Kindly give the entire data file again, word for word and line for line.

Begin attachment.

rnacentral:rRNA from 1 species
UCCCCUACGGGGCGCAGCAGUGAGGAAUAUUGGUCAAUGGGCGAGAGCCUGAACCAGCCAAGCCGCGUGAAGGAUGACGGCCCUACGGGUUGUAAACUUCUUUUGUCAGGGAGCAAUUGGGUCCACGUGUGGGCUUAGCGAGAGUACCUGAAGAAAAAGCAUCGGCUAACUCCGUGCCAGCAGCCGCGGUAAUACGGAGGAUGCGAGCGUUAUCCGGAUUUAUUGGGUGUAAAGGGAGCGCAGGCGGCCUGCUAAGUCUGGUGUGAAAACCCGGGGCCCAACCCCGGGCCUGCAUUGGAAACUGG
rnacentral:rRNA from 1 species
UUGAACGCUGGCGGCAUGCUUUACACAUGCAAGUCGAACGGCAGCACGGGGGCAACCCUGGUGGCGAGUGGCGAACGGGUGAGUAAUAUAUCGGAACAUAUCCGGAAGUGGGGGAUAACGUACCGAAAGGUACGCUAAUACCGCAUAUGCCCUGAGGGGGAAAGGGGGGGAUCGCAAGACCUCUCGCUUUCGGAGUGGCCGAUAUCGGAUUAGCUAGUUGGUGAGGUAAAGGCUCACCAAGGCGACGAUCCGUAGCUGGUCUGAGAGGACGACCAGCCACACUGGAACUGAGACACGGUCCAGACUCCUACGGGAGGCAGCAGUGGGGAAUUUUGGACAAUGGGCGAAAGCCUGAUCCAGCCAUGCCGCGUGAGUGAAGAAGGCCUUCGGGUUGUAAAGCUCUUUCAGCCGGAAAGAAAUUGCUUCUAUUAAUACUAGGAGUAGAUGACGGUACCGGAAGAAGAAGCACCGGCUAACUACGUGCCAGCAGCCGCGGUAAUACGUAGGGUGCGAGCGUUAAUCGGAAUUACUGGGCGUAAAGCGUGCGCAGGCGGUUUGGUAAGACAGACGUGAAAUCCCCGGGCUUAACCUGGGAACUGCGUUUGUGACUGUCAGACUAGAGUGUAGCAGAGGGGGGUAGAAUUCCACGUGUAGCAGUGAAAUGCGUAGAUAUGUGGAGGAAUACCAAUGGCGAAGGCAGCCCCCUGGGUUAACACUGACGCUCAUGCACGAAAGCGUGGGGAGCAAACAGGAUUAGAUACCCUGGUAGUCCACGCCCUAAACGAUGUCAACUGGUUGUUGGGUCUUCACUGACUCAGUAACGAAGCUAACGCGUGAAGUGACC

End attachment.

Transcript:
rnacentral:rRNA from 1 species
UCCCCUACGGGGCGCAGCAGUGAGGAAUAUUGGUCAAUGGGCGAGAGCCUGAACCAGCCAAGCCGCGUGAAGGAUGACGGCCCUACGGGUUGUAAACUUCUUUUGUCAGGGAGCAAUUGGGUCCACGUGUGGGCUUAGCGAGAGUACCUGAAGAAAAAGCAUCGGCUAACUCCGUGCCAGCAGCCGCGGUAAUACGGAGGAUGCGAGCGUUAUCCGGAUUUAUUGGGUGUAAAGGGAGCGCAGGCGGCCUGCUAAGUCUGGUGUGAAAACCCGGGGCCCAACCCCGGGCCUGCAUUGGAAACUGG
rnacentral:rRNA from 1 species
UUGAACGCUGGCGGCAUGCUUUACACAUGCAAGUCGAACGGCAGCACGGGGGCAACCCUGGUGGCGAGUGGCGAACGGGUGAGUAAUAUAUCGGAACAUAUCCGGAAGUGGGGGAUAACGUACCGAAAGGUACGCUAAUACCGCAUAUGCCCUGAGGGGGAAAGGGGGGGAUCGCAAGACCUCUCGCUUUCGGAGUGGCCGAUAUCGGAUUAGCUAGUUGGUGAGGUAAAGGCUCACCAAGGCGACGAUCCGUAGCUGGUCUGAGAGGACGACCAGCCACACUGGAACUGAGACACGGUCCAGACUCCUACGGGAGGCAGCAGUGGGGAAUUUUGGACAAUGGGCGAAAGCCUGAUCCAGCCAUGCCGCGUGAGUGAAGAAGGCCUUCGGGUUGUAAAGCUCUUUCAGCCGGAAAGAAAUUGCUUCUAUUAAUACUAGGAGUAGAUGACGGUACCGGAAGAAGAAGCACCGGCUAACUACGUGCCAGCAGCCGCGGUAAUACGUAGGGUGCGAGCGUUAAUCGGAAUUACUGGGCGUAAAGCGUGCGCAGGCGGUUUGGUAAGACAGACGUGAAAUCCCCGGGCUUAACCUGGGAACUGCGUUUGUGACUGUCAGACUAGAGUGUAGCAGAGGGGGGUAGAAUUCCACGUGUAGCAGUGAAAUGCGUAGAUAUGUGGAGGAAUACCAAUGGCGAAGGCAGCCCCCUGGGUUAACACUGACGCUCAUGCACGAAAGCGUGGGGAGCAAACAGGAUUAGAUACCCUGGUAGUCCACGCCCUAAACGAUGUCAACUGGUUGUUGGGUCUUCACUGACUCAGUAACGAAGCUAACGCGUGAAGUGACC